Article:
If a foundation planting is necessary, consider the height and style of the house then determine the number, color, texture and size of plantings needed to fit nicely in the space when mature, to look attractive and to direct the visitor's attention to the front door. All the plants need not be the same, in fact planting groups of complementary plants, even mixing shrubs and herbaceous perennials, can be more effective than several of the same plants in a row. The plants don't all need to be the same size either. One or two taller plants on the corner of the house with smaller plants toward the front door is a good way to soften the corner of the house and lead the visitor's eye to the front door. It's also much more interesting.
Massing and Repetition
However, with that said, keep in mind that in most cases plants are much more effective when planted in groups rather than singly. But instead of planting 10 of the same shrub across the front of the house, group plants in 3's or 5's. The characteristics of the plant stand out more in groupings. In most cases, plants should not be planted in straight rows, but staggered or grouped to make the planting more interesting. Also, when choosing plants think of quality rather than quantity. Choose interesting, attractive plants and group them together for the most impact. When using small perennials, annuals or bulbs, mass the plants in large numbers for the greatest impact.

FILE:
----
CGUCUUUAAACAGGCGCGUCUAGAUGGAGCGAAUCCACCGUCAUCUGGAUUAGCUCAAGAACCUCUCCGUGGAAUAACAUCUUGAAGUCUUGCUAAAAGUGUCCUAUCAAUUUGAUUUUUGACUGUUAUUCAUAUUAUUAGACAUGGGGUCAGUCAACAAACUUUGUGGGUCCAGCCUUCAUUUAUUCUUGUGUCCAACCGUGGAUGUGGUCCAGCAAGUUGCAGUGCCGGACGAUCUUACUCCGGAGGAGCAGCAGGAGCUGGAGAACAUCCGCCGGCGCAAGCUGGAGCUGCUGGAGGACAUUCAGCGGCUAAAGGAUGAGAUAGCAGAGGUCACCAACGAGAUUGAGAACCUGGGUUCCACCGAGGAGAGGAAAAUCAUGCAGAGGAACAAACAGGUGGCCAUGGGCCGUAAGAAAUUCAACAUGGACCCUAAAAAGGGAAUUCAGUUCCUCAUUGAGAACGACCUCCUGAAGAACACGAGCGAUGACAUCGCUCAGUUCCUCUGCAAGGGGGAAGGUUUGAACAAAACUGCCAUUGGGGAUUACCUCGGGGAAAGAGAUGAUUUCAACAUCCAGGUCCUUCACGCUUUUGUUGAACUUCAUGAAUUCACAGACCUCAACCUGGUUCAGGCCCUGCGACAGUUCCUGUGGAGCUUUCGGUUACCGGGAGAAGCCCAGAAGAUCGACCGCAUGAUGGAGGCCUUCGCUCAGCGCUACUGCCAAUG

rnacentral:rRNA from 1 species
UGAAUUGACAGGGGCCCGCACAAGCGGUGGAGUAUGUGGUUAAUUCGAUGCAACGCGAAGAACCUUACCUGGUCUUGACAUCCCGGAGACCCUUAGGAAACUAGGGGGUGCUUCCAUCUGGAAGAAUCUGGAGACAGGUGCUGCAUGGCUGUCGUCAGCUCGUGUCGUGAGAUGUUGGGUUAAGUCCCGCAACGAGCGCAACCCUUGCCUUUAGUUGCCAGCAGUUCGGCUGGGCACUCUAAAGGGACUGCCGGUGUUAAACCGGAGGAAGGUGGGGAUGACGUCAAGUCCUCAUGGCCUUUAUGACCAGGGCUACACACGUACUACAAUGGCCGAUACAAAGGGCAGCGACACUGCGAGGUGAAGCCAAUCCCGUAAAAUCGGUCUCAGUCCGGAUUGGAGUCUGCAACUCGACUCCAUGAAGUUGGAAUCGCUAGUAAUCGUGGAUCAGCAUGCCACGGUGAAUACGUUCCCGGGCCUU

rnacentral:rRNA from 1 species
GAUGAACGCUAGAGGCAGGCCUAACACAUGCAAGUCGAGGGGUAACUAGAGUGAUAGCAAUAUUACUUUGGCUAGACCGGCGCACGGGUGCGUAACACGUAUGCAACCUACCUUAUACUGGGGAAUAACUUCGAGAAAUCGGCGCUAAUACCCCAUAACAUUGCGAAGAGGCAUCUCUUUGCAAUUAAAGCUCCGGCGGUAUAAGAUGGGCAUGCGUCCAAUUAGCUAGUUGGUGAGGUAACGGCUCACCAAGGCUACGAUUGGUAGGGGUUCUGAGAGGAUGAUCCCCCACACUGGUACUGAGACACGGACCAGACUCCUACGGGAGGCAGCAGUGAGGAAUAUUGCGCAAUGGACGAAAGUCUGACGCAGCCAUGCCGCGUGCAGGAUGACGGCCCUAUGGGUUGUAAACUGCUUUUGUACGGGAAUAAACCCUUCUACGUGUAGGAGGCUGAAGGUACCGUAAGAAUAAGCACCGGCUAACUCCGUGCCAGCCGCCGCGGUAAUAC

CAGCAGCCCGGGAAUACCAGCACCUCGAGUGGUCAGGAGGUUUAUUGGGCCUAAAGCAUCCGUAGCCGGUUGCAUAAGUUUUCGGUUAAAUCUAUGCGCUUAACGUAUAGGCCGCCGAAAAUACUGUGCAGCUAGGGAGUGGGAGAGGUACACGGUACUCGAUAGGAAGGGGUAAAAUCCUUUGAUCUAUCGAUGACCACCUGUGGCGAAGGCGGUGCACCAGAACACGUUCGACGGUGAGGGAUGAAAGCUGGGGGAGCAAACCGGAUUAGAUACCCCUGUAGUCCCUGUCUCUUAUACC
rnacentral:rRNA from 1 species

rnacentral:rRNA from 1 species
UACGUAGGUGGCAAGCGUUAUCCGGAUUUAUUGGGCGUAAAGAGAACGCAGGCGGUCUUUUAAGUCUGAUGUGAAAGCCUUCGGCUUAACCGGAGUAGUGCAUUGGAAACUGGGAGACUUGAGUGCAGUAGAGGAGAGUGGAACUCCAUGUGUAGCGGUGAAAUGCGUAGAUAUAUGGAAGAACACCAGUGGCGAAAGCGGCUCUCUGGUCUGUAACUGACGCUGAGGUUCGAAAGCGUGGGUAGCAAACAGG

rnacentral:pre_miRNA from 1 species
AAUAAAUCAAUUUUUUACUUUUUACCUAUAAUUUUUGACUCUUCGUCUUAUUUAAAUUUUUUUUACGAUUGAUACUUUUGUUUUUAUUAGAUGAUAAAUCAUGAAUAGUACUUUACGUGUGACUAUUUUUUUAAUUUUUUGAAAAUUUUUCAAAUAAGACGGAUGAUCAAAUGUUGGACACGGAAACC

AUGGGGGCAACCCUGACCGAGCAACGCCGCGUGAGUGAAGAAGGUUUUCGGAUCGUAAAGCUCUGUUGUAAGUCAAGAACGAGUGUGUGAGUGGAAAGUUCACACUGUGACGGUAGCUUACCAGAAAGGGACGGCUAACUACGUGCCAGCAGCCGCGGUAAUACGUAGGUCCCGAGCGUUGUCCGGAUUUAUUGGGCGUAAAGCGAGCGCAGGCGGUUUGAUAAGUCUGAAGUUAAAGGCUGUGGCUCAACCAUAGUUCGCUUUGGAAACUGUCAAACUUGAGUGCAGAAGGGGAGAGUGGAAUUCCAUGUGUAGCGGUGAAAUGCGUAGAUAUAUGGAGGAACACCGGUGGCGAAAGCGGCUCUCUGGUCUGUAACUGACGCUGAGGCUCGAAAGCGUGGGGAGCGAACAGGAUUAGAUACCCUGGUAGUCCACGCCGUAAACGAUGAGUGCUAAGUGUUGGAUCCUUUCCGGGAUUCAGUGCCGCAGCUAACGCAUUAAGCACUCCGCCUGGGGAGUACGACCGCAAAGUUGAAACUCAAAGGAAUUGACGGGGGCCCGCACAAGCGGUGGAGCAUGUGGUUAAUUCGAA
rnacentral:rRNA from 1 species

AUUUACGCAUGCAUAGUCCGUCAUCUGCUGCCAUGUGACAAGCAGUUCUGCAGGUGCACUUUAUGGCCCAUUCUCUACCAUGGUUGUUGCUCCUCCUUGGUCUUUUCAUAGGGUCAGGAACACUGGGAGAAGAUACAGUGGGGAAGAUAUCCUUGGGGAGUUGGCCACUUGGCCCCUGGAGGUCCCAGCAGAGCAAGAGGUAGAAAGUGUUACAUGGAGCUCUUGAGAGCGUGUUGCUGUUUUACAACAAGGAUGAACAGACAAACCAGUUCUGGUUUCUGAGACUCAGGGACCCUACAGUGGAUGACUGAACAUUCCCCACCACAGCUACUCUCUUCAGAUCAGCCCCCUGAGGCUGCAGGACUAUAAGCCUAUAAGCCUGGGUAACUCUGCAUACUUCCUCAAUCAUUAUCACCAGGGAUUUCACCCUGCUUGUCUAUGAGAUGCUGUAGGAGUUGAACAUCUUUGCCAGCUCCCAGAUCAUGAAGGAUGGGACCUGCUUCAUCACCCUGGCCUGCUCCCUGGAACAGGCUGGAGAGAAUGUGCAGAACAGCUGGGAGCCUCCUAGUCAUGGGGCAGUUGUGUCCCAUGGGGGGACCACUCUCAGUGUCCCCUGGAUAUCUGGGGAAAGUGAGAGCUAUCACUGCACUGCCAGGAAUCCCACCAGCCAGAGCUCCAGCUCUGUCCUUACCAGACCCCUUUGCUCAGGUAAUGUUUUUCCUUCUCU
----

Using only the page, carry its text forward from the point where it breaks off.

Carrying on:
The exception to the "massing" concept is the specimen plant. These plants are true standouts in the landscape, whether because of beautiful flowers, interesting shape or unusual bark, and are most effective when planted alone. Examples of specimen plants include River Birch, magnolia, Japanese Maple, crabapple, topiaries or anything "weeping" (weeping plum, weeping mulberry, weeping pine, etc). The character of these plants is best appreciated alone; too many of them in a landscape would definitely make things look cluttered and busy.
Finally, if the site analysis determined the need for a screen, either to block out a noisy street, unpleasant view or to screen off a service area, consider planting a tall evergreen hedge. Or use a mix of evergreen and decidous plants together to block out the view. If a more immediate screen is needed then a privacy fence might be the answer. Keep in mind that landscaping isn't just about plants, but involves "hardscape" features like fences too.
Creating a Final Design
Use a piece of tracing paper over the scale drawing of your property and begin to experiment with the placement of trees, shrubs and other planting beds. In creating your final landscape plan, consider all of the elements identified during the site evaluation and remember that a "good" design is one that fits your family's needs and is pleasing to you.
For more information on home landscape design, refer to "Home Landscape: Understanding the Basics of Landscape Design."
Choosing plants can be one of the most difficult steps in the entire process of designing a landscape. But fortunately there are many books available to help. There are also several good publications available through with the University of Nebraska- Lincoln Extension. Hard copies are also available upon request at your local UNL Extension office.
- Annual Flowers for Nebraska
- Landscape For Shade
- Ornamental Grasses for Nebraska Landscapes
- Perennials in Water-wise Landscapes
- Trees in the Home Landscape
- Wildflowers in the Home Landscape